Sunday, March 20, 2011

Issue list in code

A few weeks ago, there was a debate/argument/discussion about what issue tracking tool should be used for our project. The 2 main contenders were JIRA and Basecamp. I'll try to capture the essence of the discussion.

Things going for JIRA:
  1. Very customizable and configurable
  2. Offers many workflows and views
  3. Lots of plugins
  4. Easy for manager to generate reports (good reporting features)

Things going against JIRA:
  1. Not the most convenient to use for developers
  2. Too much (unnecessary) detail to be filled in for each task at times

Things going for Basecamp:
  1. Easy to use. Clean interface. More like a todo list
  2. Developers like it

Things going against Basecamp:
  1. No easy custom report generation facility
  2. Not reporting/manager friendly

We've decided to try both out for a few months and see which one "works out" for us. We were using JIRA before, but the enthusiasm seems to have died out after a few months and the issue tracker is not in sync. with the actual issues/reports/bugs/features being developed.

I have an entirely different point of view though. For me what has worked best is comments in code that say something like:
// TODO: Such and such is broken. It needs to be fixed in so and so way.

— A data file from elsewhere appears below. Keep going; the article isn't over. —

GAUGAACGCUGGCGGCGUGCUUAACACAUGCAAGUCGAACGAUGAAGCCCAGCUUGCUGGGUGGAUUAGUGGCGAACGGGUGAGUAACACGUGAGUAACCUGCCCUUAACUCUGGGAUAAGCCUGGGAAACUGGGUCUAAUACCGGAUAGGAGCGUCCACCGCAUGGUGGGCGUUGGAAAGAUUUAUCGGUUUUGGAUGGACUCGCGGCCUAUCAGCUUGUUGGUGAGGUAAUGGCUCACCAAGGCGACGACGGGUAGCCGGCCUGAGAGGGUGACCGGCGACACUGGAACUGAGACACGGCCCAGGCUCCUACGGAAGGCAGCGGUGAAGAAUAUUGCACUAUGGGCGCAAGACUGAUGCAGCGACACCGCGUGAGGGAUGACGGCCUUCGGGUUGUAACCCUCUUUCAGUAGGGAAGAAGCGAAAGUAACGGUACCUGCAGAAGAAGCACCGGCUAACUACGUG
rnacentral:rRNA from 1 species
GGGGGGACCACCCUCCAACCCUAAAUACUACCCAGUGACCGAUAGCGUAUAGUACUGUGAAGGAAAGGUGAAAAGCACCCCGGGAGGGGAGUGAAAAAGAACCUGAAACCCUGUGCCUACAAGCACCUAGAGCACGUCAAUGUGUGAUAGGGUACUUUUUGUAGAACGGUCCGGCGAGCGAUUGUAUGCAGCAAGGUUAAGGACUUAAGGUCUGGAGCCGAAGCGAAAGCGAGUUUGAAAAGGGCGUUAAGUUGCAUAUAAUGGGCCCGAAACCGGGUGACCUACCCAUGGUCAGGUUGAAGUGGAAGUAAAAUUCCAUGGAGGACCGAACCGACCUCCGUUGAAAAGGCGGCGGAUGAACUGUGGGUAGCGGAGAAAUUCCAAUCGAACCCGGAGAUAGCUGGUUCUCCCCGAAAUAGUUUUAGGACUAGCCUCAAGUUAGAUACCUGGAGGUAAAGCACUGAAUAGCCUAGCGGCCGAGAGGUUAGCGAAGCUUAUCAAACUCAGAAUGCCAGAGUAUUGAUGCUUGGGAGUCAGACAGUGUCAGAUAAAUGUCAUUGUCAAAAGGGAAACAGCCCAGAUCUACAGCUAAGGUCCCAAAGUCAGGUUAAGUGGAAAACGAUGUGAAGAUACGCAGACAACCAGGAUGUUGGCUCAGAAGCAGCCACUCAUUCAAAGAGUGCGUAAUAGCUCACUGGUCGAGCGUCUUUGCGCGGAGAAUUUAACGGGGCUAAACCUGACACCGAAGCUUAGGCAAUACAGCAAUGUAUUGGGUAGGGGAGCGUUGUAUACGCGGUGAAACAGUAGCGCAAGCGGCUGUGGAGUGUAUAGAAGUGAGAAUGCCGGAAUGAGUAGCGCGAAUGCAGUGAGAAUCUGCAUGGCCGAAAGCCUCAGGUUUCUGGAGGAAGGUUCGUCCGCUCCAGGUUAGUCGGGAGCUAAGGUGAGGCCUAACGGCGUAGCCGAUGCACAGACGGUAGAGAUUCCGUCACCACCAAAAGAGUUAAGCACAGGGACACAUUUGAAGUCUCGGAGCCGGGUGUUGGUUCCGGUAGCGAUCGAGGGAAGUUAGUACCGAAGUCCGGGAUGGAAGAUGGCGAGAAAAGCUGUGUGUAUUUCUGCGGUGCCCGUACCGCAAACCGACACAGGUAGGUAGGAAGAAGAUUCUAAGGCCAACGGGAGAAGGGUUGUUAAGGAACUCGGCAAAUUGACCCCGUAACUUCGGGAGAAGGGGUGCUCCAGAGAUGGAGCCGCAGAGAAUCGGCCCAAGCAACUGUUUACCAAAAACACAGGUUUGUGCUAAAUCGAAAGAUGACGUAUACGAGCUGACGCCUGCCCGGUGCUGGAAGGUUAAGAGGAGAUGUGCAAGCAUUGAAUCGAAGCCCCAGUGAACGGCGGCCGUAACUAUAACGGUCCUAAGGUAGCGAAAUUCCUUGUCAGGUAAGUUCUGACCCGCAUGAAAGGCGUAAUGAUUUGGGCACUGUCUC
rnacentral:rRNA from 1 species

The reason is that it's too much tedium for me to update things in 2 places (code and issue tracker) when I fix an issue. If I forget, then it's even harder to related the issue to the actual change made. This method offers a way of alleviating that problem.

I'm also okay with having comments that are verbose just so that they can explain in sufficient detail the reason (or purpose) of the code below.

However, this has been mostly for projects where I have been the sole developer. I don't know how well it would scale for projects with 2-3 developers, 5-6 developers and > 6 developers.

I would guess that it's fine for projects with up to 6 developers, but beyond that it would get cumbersome. Also, this way of tracking issues lacks a good reporting method which allows you to track changes across versions. Of course, if you want to adopt this as a workflow, I'm sure some tooling around this general idea can be developed which works by generating diffs between revisions to track which bugs this revision (or set of revisions) fixes.

4 comments:

Yazhini said...

Why didn't you consider bugzilla? It's nice and easy.

Oh, and you could have set the record for having used three bug tracking systems at the same time.

dhruv said...

Haha!! Well, it didn't come up in the discussion at work, so I left it out. Either ways, I'm cool with bugzilla as well...

The most convenient for me (again) is TODO comments in code. As a side effect, people can just scan code to see what is remaining/buggy, etc...

Well, I hope I get a place in the Guiness Book of World Records for this (there actually is a program going on on television about this in India)

Yazhini said...

You know I feel we were completely off when we were creating a bug for every tiny change. I don't mind using bugzilla here because it tracks only significant issues and the minor things go in code as FIXME.

All this sounds so plausible in theory. :)

dhruv said...

Yeah!! I totally agree. A bug for every tiny thing is completely uncalled for. Hey and 3 cheers for FIXME. Don't forget the TODOs though ;)

What sounds plausible in theory?